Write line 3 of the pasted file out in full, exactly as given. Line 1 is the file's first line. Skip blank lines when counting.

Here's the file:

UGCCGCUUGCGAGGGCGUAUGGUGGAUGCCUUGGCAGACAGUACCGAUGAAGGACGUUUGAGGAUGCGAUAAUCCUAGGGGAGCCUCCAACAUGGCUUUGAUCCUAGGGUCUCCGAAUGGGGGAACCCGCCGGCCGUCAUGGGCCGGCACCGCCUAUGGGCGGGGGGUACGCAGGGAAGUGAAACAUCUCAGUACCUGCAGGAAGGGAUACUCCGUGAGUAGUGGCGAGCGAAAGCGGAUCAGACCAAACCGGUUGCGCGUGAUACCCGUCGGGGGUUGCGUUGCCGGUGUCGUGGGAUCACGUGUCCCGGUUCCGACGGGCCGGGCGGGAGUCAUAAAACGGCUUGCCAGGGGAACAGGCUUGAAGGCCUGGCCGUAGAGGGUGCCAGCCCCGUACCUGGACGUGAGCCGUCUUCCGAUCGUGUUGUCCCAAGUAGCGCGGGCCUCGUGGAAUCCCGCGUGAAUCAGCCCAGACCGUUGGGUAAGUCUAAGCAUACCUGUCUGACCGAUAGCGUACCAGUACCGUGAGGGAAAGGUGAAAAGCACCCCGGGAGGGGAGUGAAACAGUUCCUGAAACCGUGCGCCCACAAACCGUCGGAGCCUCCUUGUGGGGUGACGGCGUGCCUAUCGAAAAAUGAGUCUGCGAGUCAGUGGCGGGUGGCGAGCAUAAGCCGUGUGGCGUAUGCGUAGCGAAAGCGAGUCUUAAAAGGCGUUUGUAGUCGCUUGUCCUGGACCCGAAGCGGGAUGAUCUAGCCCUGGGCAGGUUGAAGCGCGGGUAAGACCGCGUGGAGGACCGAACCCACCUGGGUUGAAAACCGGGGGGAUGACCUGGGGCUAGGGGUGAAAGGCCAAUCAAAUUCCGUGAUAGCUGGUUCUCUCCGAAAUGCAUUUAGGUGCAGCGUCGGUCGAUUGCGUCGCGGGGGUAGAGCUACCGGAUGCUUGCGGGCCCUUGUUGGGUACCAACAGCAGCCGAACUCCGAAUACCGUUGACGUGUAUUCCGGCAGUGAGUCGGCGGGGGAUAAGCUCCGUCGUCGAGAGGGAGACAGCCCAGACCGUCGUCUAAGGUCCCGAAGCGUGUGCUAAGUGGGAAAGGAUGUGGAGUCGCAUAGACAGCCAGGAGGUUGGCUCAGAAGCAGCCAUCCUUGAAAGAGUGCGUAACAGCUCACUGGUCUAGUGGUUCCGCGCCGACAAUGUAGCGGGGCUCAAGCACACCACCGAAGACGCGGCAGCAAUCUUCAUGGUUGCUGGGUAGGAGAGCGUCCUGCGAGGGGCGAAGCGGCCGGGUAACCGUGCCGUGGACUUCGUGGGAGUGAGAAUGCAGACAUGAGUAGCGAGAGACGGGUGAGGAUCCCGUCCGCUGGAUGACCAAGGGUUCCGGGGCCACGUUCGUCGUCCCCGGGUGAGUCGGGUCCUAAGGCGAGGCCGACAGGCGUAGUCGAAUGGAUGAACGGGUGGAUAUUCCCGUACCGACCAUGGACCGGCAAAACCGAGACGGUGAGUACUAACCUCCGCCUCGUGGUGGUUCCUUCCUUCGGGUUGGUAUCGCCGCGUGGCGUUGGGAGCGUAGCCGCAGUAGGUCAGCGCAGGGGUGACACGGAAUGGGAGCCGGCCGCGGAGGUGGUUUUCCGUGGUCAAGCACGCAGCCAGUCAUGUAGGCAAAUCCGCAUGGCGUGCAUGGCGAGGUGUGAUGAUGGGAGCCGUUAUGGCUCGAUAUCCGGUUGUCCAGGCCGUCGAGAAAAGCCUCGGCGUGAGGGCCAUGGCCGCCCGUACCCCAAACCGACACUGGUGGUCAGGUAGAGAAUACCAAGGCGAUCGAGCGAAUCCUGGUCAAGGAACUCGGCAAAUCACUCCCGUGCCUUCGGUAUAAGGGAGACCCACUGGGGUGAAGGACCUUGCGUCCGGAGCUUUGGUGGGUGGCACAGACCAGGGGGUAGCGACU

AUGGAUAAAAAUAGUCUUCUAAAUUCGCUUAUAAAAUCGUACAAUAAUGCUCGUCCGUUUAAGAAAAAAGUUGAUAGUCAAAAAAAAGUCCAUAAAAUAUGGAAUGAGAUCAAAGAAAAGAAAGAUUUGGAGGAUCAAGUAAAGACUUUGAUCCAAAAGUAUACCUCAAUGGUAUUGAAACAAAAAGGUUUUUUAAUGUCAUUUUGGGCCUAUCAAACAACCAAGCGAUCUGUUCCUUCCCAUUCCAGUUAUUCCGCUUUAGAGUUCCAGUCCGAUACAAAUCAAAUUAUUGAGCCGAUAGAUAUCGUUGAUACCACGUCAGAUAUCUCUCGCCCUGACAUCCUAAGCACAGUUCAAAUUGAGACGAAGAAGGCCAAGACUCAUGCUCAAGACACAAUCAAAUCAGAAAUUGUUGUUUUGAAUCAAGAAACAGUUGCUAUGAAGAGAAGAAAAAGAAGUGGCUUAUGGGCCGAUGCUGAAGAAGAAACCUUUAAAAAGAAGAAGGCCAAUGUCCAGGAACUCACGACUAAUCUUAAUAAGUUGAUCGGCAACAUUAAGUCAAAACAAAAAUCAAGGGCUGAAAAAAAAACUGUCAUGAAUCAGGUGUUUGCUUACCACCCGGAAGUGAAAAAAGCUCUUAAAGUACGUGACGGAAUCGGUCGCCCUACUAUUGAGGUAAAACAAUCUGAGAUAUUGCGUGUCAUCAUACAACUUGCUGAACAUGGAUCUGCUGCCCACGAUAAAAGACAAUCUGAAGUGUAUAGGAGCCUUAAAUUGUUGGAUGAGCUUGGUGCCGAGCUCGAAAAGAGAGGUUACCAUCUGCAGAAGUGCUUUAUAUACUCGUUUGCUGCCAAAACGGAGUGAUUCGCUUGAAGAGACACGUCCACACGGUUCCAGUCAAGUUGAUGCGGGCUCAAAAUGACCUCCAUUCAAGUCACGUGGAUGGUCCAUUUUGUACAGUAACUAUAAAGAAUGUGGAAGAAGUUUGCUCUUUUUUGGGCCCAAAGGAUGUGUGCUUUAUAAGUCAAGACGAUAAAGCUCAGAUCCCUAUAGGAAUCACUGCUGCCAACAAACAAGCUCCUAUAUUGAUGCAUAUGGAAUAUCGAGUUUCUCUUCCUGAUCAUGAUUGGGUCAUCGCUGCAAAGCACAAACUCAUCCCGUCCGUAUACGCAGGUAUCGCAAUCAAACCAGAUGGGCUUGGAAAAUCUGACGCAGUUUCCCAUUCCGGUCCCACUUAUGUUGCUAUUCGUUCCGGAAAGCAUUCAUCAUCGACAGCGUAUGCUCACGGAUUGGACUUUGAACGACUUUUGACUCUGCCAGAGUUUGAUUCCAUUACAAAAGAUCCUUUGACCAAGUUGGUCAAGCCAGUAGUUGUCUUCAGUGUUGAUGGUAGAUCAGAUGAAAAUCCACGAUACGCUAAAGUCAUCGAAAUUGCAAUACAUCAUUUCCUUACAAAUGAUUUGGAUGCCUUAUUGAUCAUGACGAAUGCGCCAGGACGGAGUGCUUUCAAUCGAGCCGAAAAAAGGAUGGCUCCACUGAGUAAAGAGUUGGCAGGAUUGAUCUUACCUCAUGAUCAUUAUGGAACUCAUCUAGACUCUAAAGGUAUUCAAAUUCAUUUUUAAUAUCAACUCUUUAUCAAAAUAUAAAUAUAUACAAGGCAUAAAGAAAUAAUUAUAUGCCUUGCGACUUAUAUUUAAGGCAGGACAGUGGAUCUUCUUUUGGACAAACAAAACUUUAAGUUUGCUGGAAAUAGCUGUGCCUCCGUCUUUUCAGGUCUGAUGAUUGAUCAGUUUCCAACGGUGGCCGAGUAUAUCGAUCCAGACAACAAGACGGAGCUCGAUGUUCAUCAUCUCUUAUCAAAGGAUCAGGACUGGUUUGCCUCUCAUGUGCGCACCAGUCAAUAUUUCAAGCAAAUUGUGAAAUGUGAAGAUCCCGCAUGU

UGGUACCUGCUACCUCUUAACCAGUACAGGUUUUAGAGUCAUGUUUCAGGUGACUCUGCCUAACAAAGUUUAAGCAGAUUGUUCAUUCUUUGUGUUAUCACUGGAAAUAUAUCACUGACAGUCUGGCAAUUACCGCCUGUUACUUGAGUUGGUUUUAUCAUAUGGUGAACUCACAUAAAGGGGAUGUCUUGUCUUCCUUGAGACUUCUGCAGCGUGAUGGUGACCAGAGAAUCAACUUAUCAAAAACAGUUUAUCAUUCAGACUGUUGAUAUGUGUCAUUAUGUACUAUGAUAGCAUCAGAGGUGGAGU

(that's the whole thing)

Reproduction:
UGGUACCUGCUACCUCUUAACCAGUACAGGUUUUAGAGUCAUGUUUCAGGUGACUCUGCCUAACAAAGUUUAAGCAGAUUGUUCAUUCUUUGUGUUAUCACUGGAAAUAUAUCACUGACAGUCUGGCAAUUACCGCCUGUUACUUGAGUUGGUUUUAUCAUAUGGUGAACUCACAUAAAGGGGAUGUCUUGUCUUCCUUGAGACUUCUGCAGCGUGAUGGUGACCAGAGAAUCAACUUAUCAAAAACAGUUUAUCAUUCAGACUGUUGAUAUGUGUCAUUAUGUACUAUGAUAGCAUCAGAGGUGGAGU